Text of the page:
Thursday, April 13, 2017

The Missing Part of Maundy Thursday and the Greatest Prayer That Can Be Prayed

We've reached the day in Holy Week known as "Maundy Thursday." 

Jesus did His usual teaching and healing work during the day and and spent all night in prayer, every single night during His last week. He had redemptive work to do, and He had already determined that it would be done. 

By Thursday, Jesus must've been about to drop with exhaustion, yet He pressed on. 

Late in this day, He and the disciples assembled in the Upper Room. There was no servant to wash their feet after their dusty walk, and none of the men offered to do it, either. They took their places on the floor, table in the center, dirty feet behind them.

John tells us that Jesus laid aside His garments, wrapped a towel around his waist, and picked up the basin of water. He walked over to the first of His disciples and began to wash his feet.

Shock probably ran through the room, but they let Him do it. 

Only Peter argued with Him, but, in the end, even he allowed Jesus to wash His feet.

After that, they ate the "last supper," during which Jesus instituted the Sacrament of Communion or Lord's Supper, for the church. 

Our Maundy Thursday commemoration usually stops there, but something else happened that night. Maybe we ignore it because it's less appealing, but it's no less important.


After the meal, Jesus and the disciples walked across to the olive grove where He often went to pray. 

This is the moment in time that made our redemption possible. It was the surrender in Gethsemane that allowed our Lord to go to the cross. Jesus didn't want to go. He made that clear in His prayer. 

The important truth is that, even though He didn't want to face the cross, He was willing to choose the Father's will over His own. 

"Nevertheless, not My will, but Thine be done."

Those eight words make up the greatest prayer that can be prayed. It's the prayer that never fails. When we give our desires to God and choose His, we surrender to His perfect will. 

We guarantee His answer, because when we want what God wants, we can be certain we'll receive it.

That night, Jesus knew what God wanted. Arrest. Trial. Beating. Shame. Crucifixion. Death. The Tomb. Resurrection. In His humanness, the only part Jesus was likely to "want" was the resurrection. Rising from the dead was critical to redeem the world, yet it was only possible if all the other horribleness came first.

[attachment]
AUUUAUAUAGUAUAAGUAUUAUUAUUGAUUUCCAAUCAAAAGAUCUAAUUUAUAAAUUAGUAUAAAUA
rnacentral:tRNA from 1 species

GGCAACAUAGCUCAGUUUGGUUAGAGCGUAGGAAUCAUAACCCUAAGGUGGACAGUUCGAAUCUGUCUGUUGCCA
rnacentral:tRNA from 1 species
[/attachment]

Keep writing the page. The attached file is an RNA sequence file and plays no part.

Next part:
The arrest, trial, beating, shame, crucifixion, death, and tomb weren't optional if  redemption was to be accomplished, so Jesus chose the hard part, too.

There's another part of His beautiful High Priestly Prayer that we need to remember, as well. Jesus prayed that all the disciples to come (which means you and me) would be "perfected in unity." He prayed that our unity would be so perfect, so filled with love, that the world would look at us and understand our Lord.

We're not there yet. 

When believers around the world are slaughtered for their faith and the church fails to respond, we deny the unity Jesus prayed we'd have.

When we argue, complain against each other, hold grudges, refuse to forgive, we deny the unity Jesus prayed we'd have. 

We also deny the world a living portrait of Jesus and His Father, of their love, of the redemption that's possible.

The work of the Great Commission begins here. With unity. If we don't get that part right with our lives, what we say with our mouths won't matter a bit to a dark and perishing world.

Today, let's do that for which Jesus spent His last hours praying. 

Love one another. Live and work in unity. 

"Love one another as I have loved you." John 15:12 

Photo (top) of the Garden of Gethsemane. Photo above of the Rock of Surrender where Jesus prayed in the garden. 
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